• All the modeling is hopeless, and the elder and small business owners are ruthlessly culled – due to despicable UNsocial behaviour of huge selfish masses that like dumb sheep and gun-toting bullies follow a brain-dead, power-hungry, erratic idiot who does not care one iota about the well-being of his country and can not accept defeat. The most realistic model is an America that is not great at all, but doomed instead. Unless attitudes improve and mutual respect and care are restored. The minimal adaptations required won’t kill anyone. The absence of those surely does.

  • The current outbreak in Europe is much more severe than in the U.S…..but, nothing but crickets from STAT on that development. For example, Belgium reported 197 deaths today, where the U.S. equivalent would be 5,629. Other examples are the UK, which reported 639 (U.S. equivalent is 2,746), Italy 638 (U.S. equivalent 3,491), France 425 (U.S. equivalent 2,158), and Spain 356 (U.S. equivalent 2,525). All of the data are easily available on the Worldometers/Info/Coronavirus and European Centre for Disease Prevention and Control.

    Finally, that website shows the cumulative deaths in Europe are 254,772. The total of North America is 258,910. In South America the death total is 304,444 (with Venezuela reporting a total of 838 deaths).

    Really tired of such a U.S.-centric view of a world-wide pandemic.

    • Patrick, I have friend who lives in Belgium, and is plugged into the University medical scene. The public heath officials are counting EVERY respiratory/pulmonary death as Covid.

  • What the pandemic looks like here in Australia is more like two “waves” than in the rest of the world. Wr currently have 1320 active infections: most of these people are in quarantine. There have been 12 new cases since October 28th, most of them occurring in quarantine among Australians who have returned from overseas. The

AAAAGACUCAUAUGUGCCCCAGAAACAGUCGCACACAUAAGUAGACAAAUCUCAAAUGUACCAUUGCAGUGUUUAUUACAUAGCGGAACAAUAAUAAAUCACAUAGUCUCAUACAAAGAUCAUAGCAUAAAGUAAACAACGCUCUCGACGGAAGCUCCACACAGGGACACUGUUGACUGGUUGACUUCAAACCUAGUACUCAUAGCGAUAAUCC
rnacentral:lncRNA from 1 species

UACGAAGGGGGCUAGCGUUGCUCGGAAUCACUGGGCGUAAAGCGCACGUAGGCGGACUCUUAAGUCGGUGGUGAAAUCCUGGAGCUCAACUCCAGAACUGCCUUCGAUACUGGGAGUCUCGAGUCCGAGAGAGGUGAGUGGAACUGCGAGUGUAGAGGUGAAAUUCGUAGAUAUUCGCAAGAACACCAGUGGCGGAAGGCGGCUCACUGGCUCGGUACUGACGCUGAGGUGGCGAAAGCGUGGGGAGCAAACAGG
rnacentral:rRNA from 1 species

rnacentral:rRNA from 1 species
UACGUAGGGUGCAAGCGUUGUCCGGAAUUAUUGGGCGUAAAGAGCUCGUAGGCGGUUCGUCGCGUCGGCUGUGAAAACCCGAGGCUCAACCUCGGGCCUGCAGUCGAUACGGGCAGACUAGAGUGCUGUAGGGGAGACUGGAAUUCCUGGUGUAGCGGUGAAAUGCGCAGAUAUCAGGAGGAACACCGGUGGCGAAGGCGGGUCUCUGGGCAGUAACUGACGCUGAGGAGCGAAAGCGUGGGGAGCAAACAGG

latest 2 coronavirus deaths were noted on October 28th. There are still some state borders closed, at least 3 states that have been clear of community transmission for a month or more.
    The authorities here have learned that telling people who arrive from overseas to go home & isolate don’t work very well: it only takes a few loose cannon to send everything haywire, so now anyone who comes into the country gets 2 weeks hotel quarantine at their own expense: about AU$2800 per person. There are guards to make sure they stay in.
    We are anticipating a reasonable Christmas, most of us should be able to be with our families.

  • I do not pretend to really understand this thing but I think both a national 4 to 6 week lockdown and mandatory masks are kind of a tough sell.
    To me, wearing a mask is very easy and i am angered by people who are not doing it. Or absolutely insist on not doing it right, with their nose completely uncovered for example. But you have a lot of resistance, and it appears Federal authority for it is questionable.